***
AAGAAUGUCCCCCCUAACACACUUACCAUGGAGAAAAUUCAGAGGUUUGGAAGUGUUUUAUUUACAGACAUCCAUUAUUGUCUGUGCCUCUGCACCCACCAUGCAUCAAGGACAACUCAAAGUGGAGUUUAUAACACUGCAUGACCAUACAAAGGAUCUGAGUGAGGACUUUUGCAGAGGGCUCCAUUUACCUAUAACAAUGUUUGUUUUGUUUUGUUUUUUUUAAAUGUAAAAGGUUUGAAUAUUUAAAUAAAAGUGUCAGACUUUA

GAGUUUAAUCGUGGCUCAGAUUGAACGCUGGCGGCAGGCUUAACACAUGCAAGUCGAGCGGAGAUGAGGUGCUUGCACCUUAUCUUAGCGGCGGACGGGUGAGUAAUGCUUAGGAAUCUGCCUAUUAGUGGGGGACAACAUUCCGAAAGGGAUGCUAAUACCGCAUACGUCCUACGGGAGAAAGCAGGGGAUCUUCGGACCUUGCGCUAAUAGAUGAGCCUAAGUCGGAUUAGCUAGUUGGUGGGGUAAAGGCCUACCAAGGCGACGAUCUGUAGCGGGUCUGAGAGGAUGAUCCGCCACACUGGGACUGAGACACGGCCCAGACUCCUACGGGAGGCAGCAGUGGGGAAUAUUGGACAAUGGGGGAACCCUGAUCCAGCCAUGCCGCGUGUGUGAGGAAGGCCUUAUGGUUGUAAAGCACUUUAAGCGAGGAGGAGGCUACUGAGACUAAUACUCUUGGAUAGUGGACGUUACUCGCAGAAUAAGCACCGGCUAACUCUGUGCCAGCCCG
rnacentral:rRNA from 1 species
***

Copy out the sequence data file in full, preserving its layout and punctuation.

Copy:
AAGAAUGUCCCCCCUAACACACUUACCAUGGAGAAAAUUCAGAGGUUUGGAAGUGUUUUAUUUACAGACAUCCAUUAUUGUCUGUGCCUCUGCACCCACCAUGCAUCAAGGACAACUCAAAGUGGAGUUUAUAACACUGCAUGACCAUACAAAGGAUCUGAGUGAGGACUUUUGCAGAGGGCUCCAUUUACCUAUAACAAUGUUUGUUUUGUUUUGUUUUUUUUAAAUGUAAAAGGUUUGAAUAUUUAAAUAAAAGUGUCAGACUUUA

GAGUUUAAUCGUGGCUCAGAUUGAACGCUGGCGGCAGGCUUAACACAUGCAAGUCGAGCGGAGAUGAGGUGCUUGCACCUUAUCUUAGCGGCGGACGGGUGAGUAAUGCUUAGGAAUCUGCCUAUUAGUGGGGGACAACAUUCCGAAAGGGAUGCUAAUACCGCAUACGUCCUACGGGAGAAAGCAGGGGAUCUUCGGACCUUGCGCUAAUAGAUGAGCCUAAGUCGGAUUAGCUAGUUGGUGGGGUAAAGGCCUACCAAGGCGACGAUCUGUAGCGGGUCUGAGAGGAUGAUCCGCCACACUGGGACUGAGACACGGCCCAGACUCCUACGGGAGGCAGCAGUGGGGAAUAUUGGACAAUGGGGGAACCCUGAUCCAGCCAUGCCGCGUGUGUGAGGAAGGCCUUAUGGUUGUAAAGCACUUUAAGCGAGGAGGAGGCUACUGAGACUAAUACUCUUGGAUAGUGGACGUUACUCGCAGAAUAAGCACCGGCUAACUCUGUGCCAGCCCG
rnacentral:rRNA from 1 species